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A Great Project Isn’t One Big Thing, It’s a Million Little Things

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A Great Project Isn’t One Big Thing, It’s a Million Little Things

Consistent delivery of status reports, meetings, reviews, and software will ensure your projects are great.

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Great projects that run smoothly from beginning to end are a rarity. They do happen, but nearly every project hits a few bumps along the way. Our hope as project managers is that they are relatively small issues – some that are fixable even before the customer needs to know about them.

That said, a great project isn’t really hitting a grand slam or even driving home the winning run. A big win is pulling off that big fix or managing to install a new technology requested by the project client against all odds when you…or maybe nobody…has done it in the way it needs to be done on your current project. That’s the big win, that’s the one big thing. And that’s great, but that thing doesn’t make a great project.

So what does makes a great project? From my experience, it’s consistency of delivery. So, how do you ensure that?

Through ongoing best practices such as:

Consistent customer engagement. Keeping the project customer fully engaged and available from start to finish on the project means they are always there when you need them for decisions, input, approvals/signoffs, and maybe even a requirements interpretation. The project manager must consistently communicate with the project customer to help ensure this consistent customer engagement is happening.

Weekly team meetings. Your project team is doing the real work on the project every day., and you need to know what they are doing. You assign the tasks, but that’s not where it ends. Weekly team meetings are critical project touch points to keep everyone informed and engaged and to get up-to-the-minute project statuses on the tasks you’ve assigned. Don’t skip having these meetings every week.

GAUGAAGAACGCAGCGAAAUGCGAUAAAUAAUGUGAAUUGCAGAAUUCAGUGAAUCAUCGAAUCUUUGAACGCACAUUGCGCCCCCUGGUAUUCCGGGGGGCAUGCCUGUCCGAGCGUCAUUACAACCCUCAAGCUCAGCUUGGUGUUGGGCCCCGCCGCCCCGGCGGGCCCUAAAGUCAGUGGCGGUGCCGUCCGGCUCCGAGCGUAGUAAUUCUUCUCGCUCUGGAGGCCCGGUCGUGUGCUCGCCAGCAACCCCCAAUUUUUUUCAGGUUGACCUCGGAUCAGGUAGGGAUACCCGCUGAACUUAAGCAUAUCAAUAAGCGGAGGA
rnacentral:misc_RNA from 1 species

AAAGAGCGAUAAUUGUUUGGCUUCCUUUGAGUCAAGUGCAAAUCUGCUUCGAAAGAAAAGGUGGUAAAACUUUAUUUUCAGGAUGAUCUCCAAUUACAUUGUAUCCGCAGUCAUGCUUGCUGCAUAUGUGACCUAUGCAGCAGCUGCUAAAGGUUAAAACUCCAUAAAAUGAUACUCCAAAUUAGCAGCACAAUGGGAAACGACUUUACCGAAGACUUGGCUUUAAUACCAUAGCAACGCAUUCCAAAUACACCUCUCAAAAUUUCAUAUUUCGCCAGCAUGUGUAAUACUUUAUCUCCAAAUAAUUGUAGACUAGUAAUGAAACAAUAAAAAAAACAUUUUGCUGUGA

Weekly status reporting. Distributing a weekly status meeting is your chance as the project manager to inform all key stakeholders of the same information at the same time. And this is usually – and should always be – the driver for a weekly status call with the customer. Don’t just go through the motions on the status report either. Make it meaningful so your time spent on a weekly status call is not really just to confirm that the status report is accurate. That keeps everything running efficiently and effectively.

Constant budget reviews. Weekly reviews of actuals vs. forecasted budgets followed by a reforecasting of the budget will keep the project budget from ever getting too far out of hand. It will always allow you significant time to reach out for help or raise a flag so proper corrective action can be taken. The last thing you want is to skip this step for a few weeks and find out that your project is a financial disaster that can’t be fixed.

Senior management involvement in the project. This may not be applicable on all projects, especially very small projects, but getting senior management involved in the project can send a very good message to the project customer that they are important. I don’t mean a call from the customer to your CEO expressing a concern. That, of course, is very bad. Just getting them to sit in on a status call and participate will help your project and the customer’s perception of you how you are handling the engagement more than you can imagine. Try it and see.

Summary

It’s not one thing that makes a project successful. There is no 11th hour fix that will turn a bad project into a good project. That 11th hour fix may save a project, but it doesn’t mean everyone will be happy or satisfied or that it has fully met the scope laid out at the beginning of the engagement or that it made it on time and on budget. Little things like the things listed above make projects successful. A common thread through all of these is consistent communication from the project manager. That has to happen – that has to be the foundation for the project.

What do you consider to be those little things that make your projects successful or even great? Let’s discuss…

This article originally appeared at the Axosoft blog, written by Brad Egeland.

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Topics:
agile ,project management

Published at DZone with permission of Hamid Shojaee, DZone MVB. See the original article here.

Opinions expressed by DZone contributors are their own.

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